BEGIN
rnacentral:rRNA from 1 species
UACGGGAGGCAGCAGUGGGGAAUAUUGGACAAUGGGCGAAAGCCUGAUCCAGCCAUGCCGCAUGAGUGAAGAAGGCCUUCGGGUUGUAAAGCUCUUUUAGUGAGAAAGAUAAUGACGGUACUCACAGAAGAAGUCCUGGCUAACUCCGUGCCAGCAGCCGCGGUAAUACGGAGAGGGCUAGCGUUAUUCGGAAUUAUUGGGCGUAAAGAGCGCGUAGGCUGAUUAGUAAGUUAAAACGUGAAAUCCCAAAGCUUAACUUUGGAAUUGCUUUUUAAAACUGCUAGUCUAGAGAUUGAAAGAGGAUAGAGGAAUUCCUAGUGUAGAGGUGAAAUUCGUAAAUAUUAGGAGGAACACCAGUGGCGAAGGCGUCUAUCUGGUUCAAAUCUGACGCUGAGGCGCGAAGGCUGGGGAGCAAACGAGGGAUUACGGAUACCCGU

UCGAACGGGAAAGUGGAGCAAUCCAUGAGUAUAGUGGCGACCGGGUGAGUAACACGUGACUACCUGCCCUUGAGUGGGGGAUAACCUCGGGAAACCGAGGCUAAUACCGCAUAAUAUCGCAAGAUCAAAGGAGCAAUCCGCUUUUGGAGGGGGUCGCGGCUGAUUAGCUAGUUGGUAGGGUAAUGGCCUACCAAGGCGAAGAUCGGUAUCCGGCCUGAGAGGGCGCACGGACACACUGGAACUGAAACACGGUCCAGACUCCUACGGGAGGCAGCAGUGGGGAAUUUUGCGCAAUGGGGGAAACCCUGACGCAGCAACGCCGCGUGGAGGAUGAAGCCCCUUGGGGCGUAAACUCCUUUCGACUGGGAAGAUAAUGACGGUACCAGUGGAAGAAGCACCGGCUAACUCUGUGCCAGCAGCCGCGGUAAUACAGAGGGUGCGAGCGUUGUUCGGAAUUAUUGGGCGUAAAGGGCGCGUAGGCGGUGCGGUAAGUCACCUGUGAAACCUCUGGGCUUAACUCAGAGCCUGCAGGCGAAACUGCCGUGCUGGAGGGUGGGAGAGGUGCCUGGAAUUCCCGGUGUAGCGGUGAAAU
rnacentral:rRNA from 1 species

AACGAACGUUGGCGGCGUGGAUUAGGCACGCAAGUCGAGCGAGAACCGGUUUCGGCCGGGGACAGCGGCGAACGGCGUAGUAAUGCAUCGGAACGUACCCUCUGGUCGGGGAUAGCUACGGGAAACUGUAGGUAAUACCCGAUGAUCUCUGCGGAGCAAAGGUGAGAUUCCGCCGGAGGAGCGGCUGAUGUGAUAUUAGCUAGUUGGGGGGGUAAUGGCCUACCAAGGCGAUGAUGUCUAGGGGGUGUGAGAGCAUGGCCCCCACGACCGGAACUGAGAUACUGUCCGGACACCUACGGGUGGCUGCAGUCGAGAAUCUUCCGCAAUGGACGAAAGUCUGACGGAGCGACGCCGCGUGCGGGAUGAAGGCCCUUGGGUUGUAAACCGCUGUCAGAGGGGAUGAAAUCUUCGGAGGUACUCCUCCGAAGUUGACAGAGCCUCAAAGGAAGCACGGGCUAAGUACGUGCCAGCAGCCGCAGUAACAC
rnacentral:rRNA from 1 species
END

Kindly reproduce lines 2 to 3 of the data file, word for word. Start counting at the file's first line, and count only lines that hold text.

UACGGGAGGCAGCAGUGGGGAAUAUUGGACAAUGGGCGAAAGCCUGAUCCAGCCAUGCCGCAUGAGUGAAGAAGGCCUUCGGGUUGUAAAGCUCUUUUAGUGAGAAAGAUAAUGACGGUACUCACAGAAGAAGUCCUGGCUAACUCCGUGCCAGCAGCCGCGGUAAUACGGAGAGGGCUAGCGUUAUUCGGAAUUAUUGGGCGUAAAGAGCGCGUAGGCUGAUUAGUAAGUUAAAACGUGAAAUCCCAAAGCUUAACUUUGGAAUUGCUUUUUAAAACUGCUAGUCUAGAGAUUGAAAGAGGAUAGAGGAAUUCCUAGUGUAGAGGUGAAAUUCGUAAAUAUUAGGAGGAACACCAGUGGCGAAGGCGUCUAUCUGGUUCAAAUCUGACGCUGAGGCGCGAAGGCUGGGGAGCAAACGAGGGAUUACGGAUACCCGU

UCGAACGGGAAAGUGGAGCAAUCCAUGAGUAUAGUGGCGACCGGGUGAGUAACACGUGACUACCUGCCCUUGAGUGGGGGAUAACCUCGGGAAACCGAGGCUAAUACCGCAUAAUAUCGCAAGAUCAAAGGAGCAAUCCGCUUUUGGAGGGGGUCGCGGCUGAUUAGCUAGUUGGUAGGGUAAUGGCCUACCAAGGCGAAGAUCGGUAUCCGGCCUGAGAGGGCGCACGGACACACUGGAACUGAAACACGGUCCAGACUCCUACGGGAGGCAGCAGUGGGGAAUUUUGCGCAAUGGGGGAAACCCUGACGCAGCAACGCCGCGUGGAGGAUGAAGCCCCUUGGGGCGUAAACUCCUUUCGACUGGGAAGAUAAUGACGGUACCAGUGGAAGAAGCACCGGCUAACUCUGUGCCAGCAGCCGCGGUAAUACAGAGGGUGCGAGCGUUGUUCGGAAUUAUUGGGCGUAAAGGGCGCGUAGGCGGUGCGGUAAGUCACCUGUGAAACCUCUGGGCUUAACUCAGAGCCUGCAGGCGAAACUGCCGUGCUGGAGGGUGGGAGAGGUGCCUGGAAUUCCCGGUGUAGCGGUGAAAU